Car-choked streets. Overfilled, delayed or even cancelled buses and trains. Farcical cycling infrastructure. Transport doesn't have to be like this. Here are 11 places around the world that got it sorted.
12 iconic photos from a year of disruptions - and the struggle to protect our future
With more low traffic neighbourhoods being introduced, we thought we'd take a look at one of the most common criticisms against them, and whether or not it holds up.
The UK government announced it will ban sales of new petrol and diesel cars and vans by 2030 — a full decade earlier than planned. It’s a major win for the climate, and a chance to reimagine our traffic-jammed streets.
Remote-controlled toy cars sped under the gates of Downing Street towards Boris Johnson’s front door with a message from Greenpeace: we’ll lose the race against the climate crisis unless the government phases out new fossil-fueled cars and vans by 2030.
Greenpeace activists drive miniature electric cars under the security gates of Downing Street, sending a direct and symbolic reminder to the Prime Minister that the climate crisis will not wait, and neither can the ban on new polluting vehicles.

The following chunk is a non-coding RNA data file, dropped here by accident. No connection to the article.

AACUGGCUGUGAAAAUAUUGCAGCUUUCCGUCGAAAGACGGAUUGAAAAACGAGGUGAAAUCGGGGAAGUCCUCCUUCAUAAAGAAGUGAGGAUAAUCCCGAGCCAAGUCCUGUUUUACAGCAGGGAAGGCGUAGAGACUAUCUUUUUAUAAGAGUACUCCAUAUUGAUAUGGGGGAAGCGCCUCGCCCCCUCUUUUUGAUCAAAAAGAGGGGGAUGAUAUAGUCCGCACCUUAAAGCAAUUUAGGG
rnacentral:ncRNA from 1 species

Ahead of an expected announcement this week on the date from which sales of new petrol, diesel and hybrid cars and vans will be banned, a new report - written by Cambridge Econometrics - shows how bringing the ban forward to 2030 could generate tens of thousands of new jobs and significant economic growth.
From multiple children to industrial fridges - with a cargo bike, the possibilities are endless.
Some people assume that building more roads would help us get around quicker. But decades of evidence shows that it actually makes traffic and congestion much worse. The government should learn this lesson before it’s too late.
Everyone benefits from better transport, and putting some extra funding into the system could make a real difference. Here’s how things would change if we invested £10 billion more every year into fair, sustainable and affordable transport.